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    For Immediate Release



    Anne H. Gallagher, NJASA Director of Communications

    609-599-2900, ext. 126


    New accountability system puts state at the helm for student achievement;

    Community support needed in at-risk districts to make this program a ‘home run’


    • Dr. Richard Bozza, executive director of the New Jersey Association of School Administrators, is available to discuss the new state accountability system in its expanded role in At-Risk schools, as well as the role of Chief Education Officers and the community, in making it a success.



    TRENTON, N.J. May 7, 2012 — New Jersey’s most troubled schools will be getting more ‘hands on’ help from the state to turn around persistent academic failure and close achievement gaps, a move that the New Jersey Association of School Administrators applauds as an effective alternative to the federal program, No Child Left Behind.


    No Child Left Behind mandates blanket changes across the board while the new accountability program allows the state to target schools rather than school districts,” noted Richard Bozza, Ed.D., executive director of the NJASA. “This change will start to address the specific barriers to learning that are present in schools in underserved areas.”


    In February, New Jersey received a waiver from certain provisions of No Child Left Behind, a one-size-fits-all federal program. The state then developed its own accountability system of Priority, Focus and Reward schools. Of the 2,500 schools in New Jersey, the state identified 258 at-risk schools and 112 high-achieving schools for the program.


    • 75 priority schools include the lowest performing five percent of Title 1 schools in the state over the past three years.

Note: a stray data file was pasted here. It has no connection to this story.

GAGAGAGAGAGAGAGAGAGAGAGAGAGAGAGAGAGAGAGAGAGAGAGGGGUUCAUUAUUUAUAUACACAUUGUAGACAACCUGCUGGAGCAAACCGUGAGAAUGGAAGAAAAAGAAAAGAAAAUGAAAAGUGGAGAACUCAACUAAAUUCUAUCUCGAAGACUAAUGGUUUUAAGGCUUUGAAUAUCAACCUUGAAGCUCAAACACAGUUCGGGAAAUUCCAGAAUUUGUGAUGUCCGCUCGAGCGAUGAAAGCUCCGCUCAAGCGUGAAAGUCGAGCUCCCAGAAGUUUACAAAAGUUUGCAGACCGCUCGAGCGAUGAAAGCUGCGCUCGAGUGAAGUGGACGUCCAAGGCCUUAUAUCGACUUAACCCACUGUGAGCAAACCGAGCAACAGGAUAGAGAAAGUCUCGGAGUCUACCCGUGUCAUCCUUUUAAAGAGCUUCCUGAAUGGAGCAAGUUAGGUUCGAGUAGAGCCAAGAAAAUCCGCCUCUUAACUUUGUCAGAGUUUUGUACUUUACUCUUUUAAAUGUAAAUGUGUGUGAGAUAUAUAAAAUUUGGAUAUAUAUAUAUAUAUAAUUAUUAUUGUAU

• 183 focus schools have room for improvement in specific areas, such as graduation rates or student achievement gaps.
    • 112 reward schools show outstanding student achievement or growth over the past three years. Reward schools will have the opportunity to share successful practices with educators across the state.  


    It’s anticipated that the state will manage this program via satellite bureaus known as Regional Achievement Centers.



    “Chief Education Officers will be working closely with the state to remove barriers to learning in these schools,” said Dr. Bozza. “But that’s not the greatest challenge that we face. It’s minimizing the effects of circumstances outside of school—from poverty to gang violence—that can hinder educational progress. There is a lot that can be done to ‘clean up’ these areas and minimize these negative effects. We’re calling on the communities to step up to the plate and make this program a home run.”


    About NJASA

    The New Jersey Association of School Administrators is an organization of chief education officers and school administrators who lead school districts in New Jersey’s 21 counties. The association’s mission is to ensure a superior statewide system of education. Through ongoing professional training and education, the association shares knowledge among its members about best practices from both educational and administrative perspectives. Its goal is to move education forward by ensuring the highest quality of instruction for all New Jersey children.